Bickel, who was a healthy scratch in Game 3, will likely skate as a forward as he has done previously this season with his team in a bind.
And while his return could be one of seamless timing should he be ready to play Monday, when the Rangers will likely have a hole to fill assuming Brandon Prust earns a suspension for his hit on Devils defenseman Anton Volchenkov on Game 3, he was cryptic when asked about his availability.
"I'm going to follow Torts' rules again," Dubinsky said. "No timeline."
It appears unlikely Dubinsky could play after only one full practice, even in the wake of the team's pressing lineup needs. The Rangers will probably opt instead to use either defenseman Stu Bickel or Steve Eminger as a forward, as they have done in the past.
Regardless, Dubinsky seemed encouraged by his progress and said he's happy to be around the team again as they prepare for Game 4 against the Devils.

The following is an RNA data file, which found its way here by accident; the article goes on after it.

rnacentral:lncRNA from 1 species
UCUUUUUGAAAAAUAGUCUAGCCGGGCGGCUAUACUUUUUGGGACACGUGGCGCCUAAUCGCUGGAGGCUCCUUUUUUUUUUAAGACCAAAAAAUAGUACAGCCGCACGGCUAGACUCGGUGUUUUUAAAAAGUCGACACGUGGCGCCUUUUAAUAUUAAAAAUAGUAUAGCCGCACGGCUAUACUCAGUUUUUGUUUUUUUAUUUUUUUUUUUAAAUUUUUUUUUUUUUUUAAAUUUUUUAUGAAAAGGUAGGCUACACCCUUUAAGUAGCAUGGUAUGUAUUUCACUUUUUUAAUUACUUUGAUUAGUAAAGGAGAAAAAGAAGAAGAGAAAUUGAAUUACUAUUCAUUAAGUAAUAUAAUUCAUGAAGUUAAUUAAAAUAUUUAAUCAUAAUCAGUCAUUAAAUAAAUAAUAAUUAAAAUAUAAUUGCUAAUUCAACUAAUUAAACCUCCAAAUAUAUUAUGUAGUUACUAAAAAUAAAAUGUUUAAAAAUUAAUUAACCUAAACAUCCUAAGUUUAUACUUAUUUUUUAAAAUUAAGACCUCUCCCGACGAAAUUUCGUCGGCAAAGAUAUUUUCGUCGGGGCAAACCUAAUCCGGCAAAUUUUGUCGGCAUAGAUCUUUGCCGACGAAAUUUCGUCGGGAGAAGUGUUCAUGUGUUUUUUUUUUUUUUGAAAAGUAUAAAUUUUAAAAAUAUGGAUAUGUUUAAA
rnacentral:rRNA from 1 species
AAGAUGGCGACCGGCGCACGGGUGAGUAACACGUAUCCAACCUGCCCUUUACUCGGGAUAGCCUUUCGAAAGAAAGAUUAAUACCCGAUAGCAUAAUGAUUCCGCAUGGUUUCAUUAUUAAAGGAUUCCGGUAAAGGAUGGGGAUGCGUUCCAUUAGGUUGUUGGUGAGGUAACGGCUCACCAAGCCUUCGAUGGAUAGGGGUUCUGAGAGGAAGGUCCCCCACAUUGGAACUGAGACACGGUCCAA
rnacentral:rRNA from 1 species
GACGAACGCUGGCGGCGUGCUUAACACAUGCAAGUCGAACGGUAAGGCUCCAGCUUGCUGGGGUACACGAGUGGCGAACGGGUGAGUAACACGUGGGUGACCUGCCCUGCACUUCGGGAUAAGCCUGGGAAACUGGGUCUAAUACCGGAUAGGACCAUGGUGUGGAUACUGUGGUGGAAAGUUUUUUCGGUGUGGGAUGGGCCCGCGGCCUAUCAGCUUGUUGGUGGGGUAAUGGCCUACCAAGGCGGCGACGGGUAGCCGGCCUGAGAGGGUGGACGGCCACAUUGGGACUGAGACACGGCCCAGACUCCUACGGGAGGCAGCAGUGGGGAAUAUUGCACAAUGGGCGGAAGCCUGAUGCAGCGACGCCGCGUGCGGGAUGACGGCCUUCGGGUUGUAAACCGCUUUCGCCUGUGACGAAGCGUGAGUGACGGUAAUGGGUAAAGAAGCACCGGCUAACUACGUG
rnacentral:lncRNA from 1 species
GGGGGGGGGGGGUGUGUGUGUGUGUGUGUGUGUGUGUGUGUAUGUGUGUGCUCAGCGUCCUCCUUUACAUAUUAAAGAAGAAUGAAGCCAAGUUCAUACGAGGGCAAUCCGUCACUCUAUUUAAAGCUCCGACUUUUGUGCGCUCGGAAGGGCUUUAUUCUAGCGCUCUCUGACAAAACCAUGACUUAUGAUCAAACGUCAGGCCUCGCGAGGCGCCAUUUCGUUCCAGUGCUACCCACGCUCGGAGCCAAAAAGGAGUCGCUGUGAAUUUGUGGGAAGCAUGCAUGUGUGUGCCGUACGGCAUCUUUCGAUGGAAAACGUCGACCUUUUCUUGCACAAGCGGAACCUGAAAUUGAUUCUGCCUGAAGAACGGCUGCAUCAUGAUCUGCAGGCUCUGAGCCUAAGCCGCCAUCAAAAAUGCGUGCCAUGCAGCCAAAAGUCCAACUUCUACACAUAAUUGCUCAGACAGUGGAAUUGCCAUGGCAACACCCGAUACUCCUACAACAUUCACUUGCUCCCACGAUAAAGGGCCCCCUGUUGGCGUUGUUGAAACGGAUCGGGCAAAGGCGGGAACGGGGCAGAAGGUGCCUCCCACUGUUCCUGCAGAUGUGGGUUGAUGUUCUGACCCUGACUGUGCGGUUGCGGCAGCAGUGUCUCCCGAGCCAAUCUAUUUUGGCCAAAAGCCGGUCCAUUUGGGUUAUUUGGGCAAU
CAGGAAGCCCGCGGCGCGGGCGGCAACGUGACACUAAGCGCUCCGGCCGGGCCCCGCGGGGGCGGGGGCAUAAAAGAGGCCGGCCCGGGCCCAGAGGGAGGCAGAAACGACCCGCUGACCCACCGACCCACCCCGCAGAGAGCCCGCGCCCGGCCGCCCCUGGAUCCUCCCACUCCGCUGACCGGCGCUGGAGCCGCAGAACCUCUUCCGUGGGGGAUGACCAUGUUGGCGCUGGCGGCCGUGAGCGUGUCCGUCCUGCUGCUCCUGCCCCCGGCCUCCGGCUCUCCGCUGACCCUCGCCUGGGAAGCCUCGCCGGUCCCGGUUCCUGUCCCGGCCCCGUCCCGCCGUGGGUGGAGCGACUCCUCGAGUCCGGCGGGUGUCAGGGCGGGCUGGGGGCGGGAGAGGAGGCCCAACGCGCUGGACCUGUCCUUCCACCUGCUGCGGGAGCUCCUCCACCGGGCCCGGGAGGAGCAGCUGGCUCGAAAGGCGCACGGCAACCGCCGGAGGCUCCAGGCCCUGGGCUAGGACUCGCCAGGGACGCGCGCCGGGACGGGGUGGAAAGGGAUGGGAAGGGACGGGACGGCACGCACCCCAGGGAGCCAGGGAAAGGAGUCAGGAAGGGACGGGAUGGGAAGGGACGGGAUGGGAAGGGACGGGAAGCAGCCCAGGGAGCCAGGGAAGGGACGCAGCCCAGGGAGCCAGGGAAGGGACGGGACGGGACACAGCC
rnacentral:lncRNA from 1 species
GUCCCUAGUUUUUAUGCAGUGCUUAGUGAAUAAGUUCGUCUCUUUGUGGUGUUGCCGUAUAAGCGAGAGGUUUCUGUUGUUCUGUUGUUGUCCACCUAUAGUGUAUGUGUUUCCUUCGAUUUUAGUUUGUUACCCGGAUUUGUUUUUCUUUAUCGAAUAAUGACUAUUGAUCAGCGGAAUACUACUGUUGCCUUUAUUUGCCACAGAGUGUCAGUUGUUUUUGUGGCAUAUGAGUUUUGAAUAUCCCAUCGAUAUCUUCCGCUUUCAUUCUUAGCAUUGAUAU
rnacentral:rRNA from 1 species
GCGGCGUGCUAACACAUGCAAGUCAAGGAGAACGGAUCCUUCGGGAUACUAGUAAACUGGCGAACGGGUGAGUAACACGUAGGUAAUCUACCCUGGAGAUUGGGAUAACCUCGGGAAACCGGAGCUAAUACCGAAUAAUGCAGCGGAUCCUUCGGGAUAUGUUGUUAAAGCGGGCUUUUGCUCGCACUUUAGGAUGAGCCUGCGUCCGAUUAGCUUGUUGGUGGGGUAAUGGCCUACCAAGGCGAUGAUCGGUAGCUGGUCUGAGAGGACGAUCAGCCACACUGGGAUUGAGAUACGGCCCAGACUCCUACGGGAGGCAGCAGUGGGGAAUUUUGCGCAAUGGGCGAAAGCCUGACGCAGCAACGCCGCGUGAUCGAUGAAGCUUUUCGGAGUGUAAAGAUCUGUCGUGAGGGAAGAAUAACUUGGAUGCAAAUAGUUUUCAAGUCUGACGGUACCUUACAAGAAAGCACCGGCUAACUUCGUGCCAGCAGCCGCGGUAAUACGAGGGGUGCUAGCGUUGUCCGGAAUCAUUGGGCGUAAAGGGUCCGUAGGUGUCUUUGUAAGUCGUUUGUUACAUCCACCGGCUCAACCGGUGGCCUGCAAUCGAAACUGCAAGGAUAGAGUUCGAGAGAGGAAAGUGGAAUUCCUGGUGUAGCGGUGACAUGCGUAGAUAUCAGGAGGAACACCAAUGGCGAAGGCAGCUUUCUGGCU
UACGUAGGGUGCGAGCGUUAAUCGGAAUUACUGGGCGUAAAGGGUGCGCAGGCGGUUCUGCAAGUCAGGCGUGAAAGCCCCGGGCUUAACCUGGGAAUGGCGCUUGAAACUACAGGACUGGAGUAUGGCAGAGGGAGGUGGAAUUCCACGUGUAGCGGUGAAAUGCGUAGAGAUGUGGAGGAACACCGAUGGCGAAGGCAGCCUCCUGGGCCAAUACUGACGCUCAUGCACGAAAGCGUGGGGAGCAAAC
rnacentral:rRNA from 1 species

"It's nice to be back with the guys, nice to shoot some pucks against a goalie, and it just feels good to be around and get the chance to jump back on the ice."
The Rangers' captain has just six points in 16 playoff games, notching three goals and three assists. He last scored a goal in Game 4 against Washington, and his last assist came in Game 5 of that series. In the first two games against the Devils, he has just two shots on goal.
While the team has struggled collectively on offense, Callahan wants to break out.
"It's tough, I want to contribute more offensively, there's no secret to that," Callahan said Friday. "I think the big thing for me is concentration on the other parts of my game right now and making sure I'm not cheating to create an opportunity or jumping too early. Just keep working and it will come. This is a tough time of year to be struggling offensively but I have to keep with it and keep going."